Studying himself, Piotr Wozniak, a Polish computer programmer, learned some useful things:
In 1985, he divided his database into three equal sets and created schedules for studying each of them. One of the sets he studied every five days, another every 18 days, and the third at expanding intervals, increasing the period between study sessions each time he got the answers right. This experiment proved that Wozniak’s first hunch was too simple. On none of the tests did his recall show significant improvement over the naive methods of study he normally used. But he was not discouraged and continued making ever more elaborate investigations of study intervals, changing the second interval to two days, then four days, then six days, and so on. Then he changed the third interval, then the fourth, and continued to test and measure, measure and test, for nearly a decade.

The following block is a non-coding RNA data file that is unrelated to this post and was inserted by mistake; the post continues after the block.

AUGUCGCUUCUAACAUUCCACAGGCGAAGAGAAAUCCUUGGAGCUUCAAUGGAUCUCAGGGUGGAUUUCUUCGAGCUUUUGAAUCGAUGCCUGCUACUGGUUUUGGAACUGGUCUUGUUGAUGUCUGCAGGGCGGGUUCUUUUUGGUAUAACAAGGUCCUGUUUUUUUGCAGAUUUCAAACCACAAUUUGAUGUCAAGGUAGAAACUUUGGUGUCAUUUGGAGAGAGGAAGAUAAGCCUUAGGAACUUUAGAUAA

Based on his results he created a popular program called SuperMemo.
Wozniak has ridden SuperMemo into uncharted regions of self-experimentation. In 1999, he started making a detailed record of his hours of sleep, and now he’s working to correlate that data with his daily performance on study repetitions. . . . Wozniak has also invented a way to apply his learning system to his intake of unstructured information from books and articles, winnowing written material down to the type of discrete chunks that can be memorized, and then scheduling them for efficient learning.
Thanks to John Kounios, Robert Simmons, and